With the UP Assembly elections less than two years away, the Congress, led by Priyanka Gandhi, is for the first time in many decades beginning to show a sense of political purpose and urgency.
After the Centre asked the UP Congress in charge to vacate her bungalow in Lutyens’ Delhi, news reports suggest she has decided to shift to Lucknow, perhaps to be in the thick of things. Even before this incident, Priyanka Gandhi has been a ‘trending’ topic for months in the state.
She has had a spat with Bahujan Samaj Party (BSP) supremo Mayawati on social media. In the context of the migrant crisis, Mayawati accused the Congress of doing little for the development of the weaker sections. In an obvious reference to Mayawati, Priyanka Gandhi hit back by saying ‘some opposition leaders’ in UP are acting like spokespersons of the BJP.
Most importantly, what currently separates the Congress from other opposition parties is that the activists of the former have taken to the streets several times to agitate and confront the UP police.
Several of the Congress’s local level activists, led by its state president Ajay Kumar Lallu, have been arrested. Lallu was arrested earlier when he was protesting against the UP police’s decision to deny entry to buses provided by Priyanka Gandhi for migrant workers who were walking home. Earlier this week, he was arrested while protesting the arrest of Shanawaz Alam, head of the minority cell of the UP Congress.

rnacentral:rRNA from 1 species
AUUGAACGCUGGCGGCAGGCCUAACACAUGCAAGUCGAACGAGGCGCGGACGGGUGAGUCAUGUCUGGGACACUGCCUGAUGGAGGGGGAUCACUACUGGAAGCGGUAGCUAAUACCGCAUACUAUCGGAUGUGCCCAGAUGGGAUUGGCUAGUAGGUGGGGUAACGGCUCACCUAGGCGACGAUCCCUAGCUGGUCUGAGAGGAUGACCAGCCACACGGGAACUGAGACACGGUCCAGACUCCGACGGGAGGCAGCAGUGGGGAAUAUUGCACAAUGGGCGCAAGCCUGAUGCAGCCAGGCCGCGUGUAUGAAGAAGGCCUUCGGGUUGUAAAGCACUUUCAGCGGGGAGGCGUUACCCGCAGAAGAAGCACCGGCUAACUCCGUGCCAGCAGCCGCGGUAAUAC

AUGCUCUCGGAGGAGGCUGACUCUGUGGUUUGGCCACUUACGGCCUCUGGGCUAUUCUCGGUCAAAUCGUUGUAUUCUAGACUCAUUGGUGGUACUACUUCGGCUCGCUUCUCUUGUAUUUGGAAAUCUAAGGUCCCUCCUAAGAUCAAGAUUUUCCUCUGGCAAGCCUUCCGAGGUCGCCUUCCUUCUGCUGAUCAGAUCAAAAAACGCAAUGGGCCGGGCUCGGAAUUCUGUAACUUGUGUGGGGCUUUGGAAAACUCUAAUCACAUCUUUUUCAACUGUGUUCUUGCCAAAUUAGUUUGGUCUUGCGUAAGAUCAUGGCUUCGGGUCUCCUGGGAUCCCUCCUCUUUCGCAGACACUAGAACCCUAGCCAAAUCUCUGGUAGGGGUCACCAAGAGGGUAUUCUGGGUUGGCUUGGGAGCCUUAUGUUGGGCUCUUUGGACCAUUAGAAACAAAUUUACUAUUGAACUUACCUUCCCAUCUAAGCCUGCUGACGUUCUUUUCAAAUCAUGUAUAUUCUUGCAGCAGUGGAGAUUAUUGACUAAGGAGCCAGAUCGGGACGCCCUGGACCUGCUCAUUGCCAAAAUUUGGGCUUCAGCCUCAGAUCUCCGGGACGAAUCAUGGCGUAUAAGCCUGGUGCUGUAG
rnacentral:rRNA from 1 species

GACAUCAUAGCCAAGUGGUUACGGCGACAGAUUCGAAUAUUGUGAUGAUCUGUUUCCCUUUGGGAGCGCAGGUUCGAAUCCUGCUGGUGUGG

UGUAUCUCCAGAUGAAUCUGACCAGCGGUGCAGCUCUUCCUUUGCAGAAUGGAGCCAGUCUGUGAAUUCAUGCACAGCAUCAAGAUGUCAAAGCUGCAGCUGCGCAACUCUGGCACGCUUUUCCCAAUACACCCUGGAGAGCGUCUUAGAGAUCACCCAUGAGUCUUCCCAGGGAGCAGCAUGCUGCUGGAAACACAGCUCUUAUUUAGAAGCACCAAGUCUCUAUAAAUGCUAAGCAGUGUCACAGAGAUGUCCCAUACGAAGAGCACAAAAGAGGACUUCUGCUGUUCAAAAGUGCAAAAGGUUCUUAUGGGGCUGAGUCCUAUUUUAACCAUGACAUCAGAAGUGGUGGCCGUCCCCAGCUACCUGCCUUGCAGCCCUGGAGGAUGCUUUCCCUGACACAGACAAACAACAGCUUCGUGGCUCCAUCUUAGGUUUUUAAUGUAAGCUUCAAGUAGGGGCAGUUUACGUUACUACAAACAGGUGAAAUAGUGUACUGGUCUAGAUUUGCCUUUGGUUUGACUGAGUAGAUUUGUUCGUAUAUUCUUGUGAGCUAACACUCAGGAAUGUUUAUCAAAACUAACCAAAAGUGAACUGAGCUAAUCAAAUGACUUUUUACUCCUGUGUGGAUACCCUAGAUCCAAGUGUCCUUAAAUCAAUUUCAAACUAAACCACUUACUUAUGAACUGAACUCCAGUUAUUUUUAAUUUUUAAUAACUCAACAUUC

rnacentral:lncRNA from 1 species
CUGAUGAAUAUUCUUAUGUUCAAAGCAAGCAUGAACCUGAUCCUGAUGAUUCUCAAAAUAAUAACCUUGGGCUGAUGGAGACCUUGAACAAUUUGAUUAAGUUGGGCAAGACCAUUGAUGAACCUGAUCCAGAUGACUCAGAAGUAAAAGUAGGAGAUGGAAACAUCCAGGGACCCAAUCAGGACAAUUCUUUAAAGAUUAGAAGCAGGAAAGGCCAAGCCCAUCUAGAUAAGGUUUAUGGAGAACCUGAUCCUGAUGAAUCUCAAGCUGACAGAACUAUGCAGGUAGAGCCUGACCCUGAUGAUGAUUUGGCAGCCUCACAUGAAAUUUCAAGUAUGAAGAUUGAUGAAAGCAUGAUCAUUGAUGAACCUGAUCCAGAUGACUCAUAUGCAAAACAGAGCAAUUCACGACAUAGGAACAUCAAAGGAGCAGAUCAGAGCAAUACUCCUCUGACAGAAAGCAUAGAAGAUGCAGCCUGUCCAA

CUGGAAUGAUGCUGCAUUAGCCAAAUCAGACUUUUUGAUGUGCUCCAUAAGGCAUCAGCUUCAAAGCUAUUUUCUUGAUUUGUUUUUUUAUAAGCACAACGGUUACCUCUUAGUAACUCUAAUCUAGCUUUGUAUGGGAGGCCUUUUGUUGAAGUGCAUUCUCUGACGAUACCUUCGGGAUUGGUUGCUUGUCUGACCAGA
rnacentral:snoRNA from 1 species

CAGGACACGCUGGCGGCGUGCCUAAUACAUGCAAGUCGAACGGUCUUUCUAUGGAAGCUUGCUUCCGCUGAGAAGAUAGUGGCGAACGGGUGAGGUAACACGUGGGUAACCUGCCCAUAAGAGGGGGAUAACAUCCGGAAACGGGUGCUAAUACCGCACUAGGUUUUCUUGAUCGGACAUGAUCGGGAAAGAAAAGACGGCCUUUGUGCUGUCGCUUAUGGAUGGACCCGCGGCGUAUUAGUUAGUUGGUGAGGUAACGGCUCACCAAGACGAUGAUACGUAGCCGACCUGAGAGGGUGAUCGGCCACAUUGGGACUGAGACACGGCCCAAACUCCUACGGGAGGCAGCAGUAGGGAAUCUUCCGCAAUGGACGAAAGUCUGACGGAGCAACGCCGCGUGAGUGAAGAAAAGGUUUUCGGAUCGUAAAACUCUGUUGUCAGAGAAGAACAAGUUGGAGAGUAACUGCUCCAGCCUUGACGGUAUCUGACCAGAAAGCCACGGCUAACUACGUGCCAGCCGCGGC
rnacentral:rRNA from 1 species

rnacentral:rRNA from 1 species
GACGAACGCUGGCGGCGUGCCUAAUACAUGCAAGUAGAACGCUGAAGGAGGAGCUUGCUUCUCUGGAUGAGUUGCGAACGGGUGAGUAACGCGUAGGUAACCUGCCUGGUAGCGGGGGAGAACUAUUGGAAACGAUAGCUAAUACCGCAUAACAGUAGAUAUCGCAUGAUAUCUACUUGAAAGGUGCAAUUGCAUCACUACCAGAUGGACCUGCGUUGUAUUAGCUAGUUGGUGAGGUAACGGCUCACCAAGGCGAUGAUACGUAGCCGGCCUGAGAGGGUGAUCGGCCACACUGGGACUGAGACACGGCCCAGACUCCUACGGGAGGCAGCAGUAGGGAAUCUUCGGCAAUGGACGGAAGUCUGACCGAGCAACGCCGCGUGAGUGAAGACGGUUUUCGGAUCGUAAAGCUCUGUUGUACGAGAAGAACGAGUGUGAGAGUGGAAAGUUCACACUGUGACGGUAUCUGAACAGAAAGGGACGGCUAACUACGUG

All this is happening at a time when the lockdown is yet to be fully lifted and mandatory social distancing norms are still in place.
Can, therefore, the Congress revive its political fortunes in UP during the 2022 assembly elections? And what should be its strategy if it has to emerge as a serious electoral force in the state?
Congress in UP: past and present
Before going further, it will be useful to briefly map the recent political trajectory of the Congress in UP and locate it in relation to other parties it will be up against.
The Congress was decimated after the Mandal and kamandal agitations in the late 1980s. Since then, the engine of UP politics has been driven by the identity politics of caste (OBCs-Dalits) and community (Hindu-Muslim). Until the 1980s, the Congress’s electoral base comprised of a social coalition of Dalits-Muslims-Brahmins. This vote base shifted to the BSP and Samajwadi Party (SP), and since then the Congress has never been able to regain its political foothold in UP.
The BJP, riding on Narendra Modi’s popularity, Hindu-Muslim polarisation and aggressive nationalism, emerged as the top player post the 2014 Lok Sabha elections when it won 71 Lok Sabha seats. Three years later, in 2017 it won a landslide victory in the UP assembly elections. And it scored a knock-out victory in the 2019 Lok Sabha elections. Since then, CM Yogi Adityanath has run the state administration in a highly personalised manner, much like the government at the Centre.
The lockdown has created immense distress. Many have lost their jobs and also face mental and physical trauma. The poor, who are mostly Dalits, OBCs and Muslims, are hardest hit. Lakhs have left cities and have returned to their villages across the state.